BassWestUSA - July/August, 2009, Page 13

on Co-Angling


It can be quite a broad topic, but the sig- nificance of that single word is grossly un- derestimated. In bass angling, or just life in general, it is a great tool to possess. I crossed a recent proving ground for determination last year. In 2008, an FLW Stren event was held on Lake Champlain. I was a Co-Angler in that tournament. At the end of Day 1, I had less than 4lbs for 2 fish. That left me at the end of the pack. Not one to call it an event just yet, I got ready to fish hard. Days 2 & 3, I caught decent limits of smallmouth. At the end of Day 3 I jumped up to 12th place overall. I missed the cut by ounces for the final day; however, I was quite pleased with my performance. As a Co-Angler, in a couple of na- tional trails, I have gained some invalu- able experience. I keep my goals lofty, but simple. Just as many other Co-An- glers I have met, I try to learn as much as possible while trying to win each event. This will be helpful when I make my jump to the Professional side of bass fishing. As far as being a Co-Angler, I would like to share some tips with you that have made my outings more successful. Being determined is essential to being successful. I have found that this starts with time on the water. Whether you are fishing out of a little boat like myself, or a big rig already, you know what they say about practice. Learning all of the techniques and situations that you may encounter on the water will make you a better angler. This is how I honed my drop shot ability. I went out on a lake and fished a drop shot all day exclusively. After a cou- ple of trips I started to finally master that technique. I felt like I had already won a tournament. Catching fish is the best way to gain confidence in a technique, no matter how long it takes. The drop shot was essential to my 12th place finish on Champlain. Being versatile also ties into this concept. As a Co-Angler, you may be fishing deep smallies one day and heavy cover largemouth in shallow water the next.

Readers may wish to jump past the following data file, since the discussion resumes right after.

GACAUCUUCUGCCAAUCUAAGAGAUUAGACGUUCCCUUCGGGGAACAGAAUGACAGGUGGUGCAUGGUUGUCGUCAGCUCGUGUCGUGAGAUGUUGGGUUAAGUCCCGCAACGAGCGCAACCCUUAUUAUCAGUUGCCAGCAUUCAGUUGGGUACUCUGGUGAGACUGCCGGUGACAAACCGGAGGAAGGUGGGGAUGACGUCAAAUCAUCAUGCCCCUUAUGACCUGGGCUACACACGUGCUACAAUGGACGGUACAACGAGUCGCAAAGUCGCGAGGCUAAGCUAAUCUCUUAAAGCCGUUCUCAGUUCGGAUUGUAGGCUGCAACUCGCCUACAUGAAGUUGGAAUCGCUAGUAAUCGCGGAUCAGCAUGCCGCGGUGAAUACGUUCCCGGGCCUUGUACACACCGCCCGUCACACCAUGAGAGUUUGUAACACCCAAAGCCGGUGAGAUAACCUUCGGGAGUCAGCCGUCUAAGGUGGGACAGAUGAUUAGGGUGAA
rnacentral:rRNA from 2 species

Tumbleweed’s Take

I rig my Power Tackle Rods ( with the baits I think will be necessary for the following day. These rods are super sensitive and strong. They will give you an advantage over the fish. Each rod is hand made in South Texas and tested by anglers who can flat out catch fish. I use my Naked Bait Co. ( skirt expander to match jigs to the current conditions of each tournament. It is the ultimate match the hatch tool. On 1000 Islands in New York, I made jigs with OBB Lures jigheads ( to match a dark minnow with a bit of chartreuse on their sides. Whenever I saw those minnows, I would toss out a homemade Naked Bait Co. jig. Those jigs caught many quality largemouth who were keying on these minnows as forage. Finally, don’t be afraid to do some- thing different. Sometimes a different bait will draw those extra strikes in water that your pro has already worked with his bait.

Personally, I have rolled through some hurdles to start my career. Along with being a Co-Angler, I had to figure out how to be successful without the ability to stand. I was a former action sports athlete, participating in both snowboarding and freestyle BMX. In 2004, I broke my back snowboarding and injured my spinal cord. I don’t see being a paraplegic as a disadvantage. I have never had a bass tell me that he didn’t bite my bait be- cause my legs don’t work. I can launch my little boat independently and will teach myself to launch a glass rig when the time comes. I am determined to make 2009 my best season to date. Watch for Jonny Tumbleweed, sporting a mohawk and decked out in Bassaholics gear ( to be bring- ing in some big sacks this year. Just like a Tumbleweed, I will be rolling through Bass West Magazine again soon.

Tight Lines, Jonathan “Tumbleweed” Stanco

July/August 2009